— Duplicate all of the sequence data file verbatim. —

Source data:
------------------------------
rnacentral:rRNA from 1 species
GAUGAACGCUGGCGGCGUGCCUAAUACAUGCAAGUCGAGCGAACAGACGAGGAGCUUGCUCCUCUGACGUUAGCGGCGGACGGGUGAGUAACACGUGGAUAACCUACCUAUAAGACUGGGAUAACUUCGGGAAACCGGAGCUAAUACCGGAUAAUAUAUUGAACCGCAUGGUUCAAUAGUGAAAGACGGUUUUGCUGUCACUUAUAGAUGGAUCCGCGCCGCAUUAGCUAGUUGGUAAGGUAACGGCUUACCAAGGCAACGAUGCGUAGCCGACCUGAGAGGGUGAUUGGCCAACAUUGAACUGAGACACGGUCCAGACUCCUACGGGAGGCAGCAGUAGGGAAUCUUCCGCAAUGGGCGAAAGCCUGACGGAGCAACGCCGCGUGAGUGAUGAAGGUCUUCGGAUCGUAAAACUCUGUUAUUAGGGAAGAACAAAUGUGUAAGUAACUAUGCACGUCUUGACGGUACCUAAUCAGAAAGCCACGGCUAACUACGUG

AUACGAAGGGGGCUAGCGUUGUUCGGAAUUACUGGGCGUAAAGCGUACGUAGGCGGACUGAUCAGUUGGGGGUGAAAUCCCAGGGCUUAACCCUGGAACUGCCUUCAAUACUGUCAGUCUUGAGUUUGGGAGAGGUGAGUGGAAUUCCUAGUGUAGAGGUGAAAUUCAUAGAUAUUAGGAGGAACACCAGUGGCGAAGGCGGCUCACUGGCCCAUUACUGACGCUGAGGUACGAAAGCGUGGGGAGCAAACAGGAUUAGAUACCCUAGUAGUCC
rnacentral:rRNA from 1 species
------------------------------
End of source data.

rnacentral:rRNA from 1 species
GAUGAACGCUGGCGGCGUGCCUAAUACAUGCAAGUCGAGCGAACAGACGAGGAGCUUGCUCCUCUGACGUUAGCGGCGGACGGGUGAGUAACACGUGGAUAACCUACCUAUAAGACUGGGAUAACUUCGGGAAACCGGAGCUAAUACCGGAUAAUAUAUUGAACCGCAUGGUUCAAUAGUGAAAGACGGUUUUGCUGUCACUUAUAGAUGGAUCCGCGCCGCAUUAGCUAGUUGGUAAGGUAACGGCUUACCAAGGCAACGAUGCGUAGCCGACCUGAGAGGGUGAUUGGCCAACAUUGAACUGAGACACGGUCCAGACUCCUACGGGAGGCAGCAGUAGGGAAUCUUCCGCAAUGGGCGAAAGCCUGACGGAGCAACGCCGCGUGAGUGAUGAAGGUCUUCGGAUCGUAAAACUCUGUUAUUAGGGAAGAACAAAUGUGUAAGUAACUAUGCACGUCUUGACGGUACCUAAUCAGAAAGCCACGGCUAACUACGUG

AUACGAAGGGGGCUAGCGUUGUUCGGAAUUACUGGGCGUAAAGCGUACGUAGGCGGACUGAUCAGUUGGGGGUGAAAUCCCAGGGCUUAACCCUGGAACUGCCUUCAAUACUGUCAGUCUUGAGUUUGGGAGAGGUGAGUGGAAUUCCUAGUGUAGAGGUGAAAUUCAUAGAUAUUAGGAGGAACACCAGUGGCGAAGGCGGCUCACUGGCCCAUUACUGACGCUGAGGUACGAAAGCGUGGGGAGCAAACAGGAUUAGAUACCCUAGUAGUCC
rnacentral:rRNA from 1 species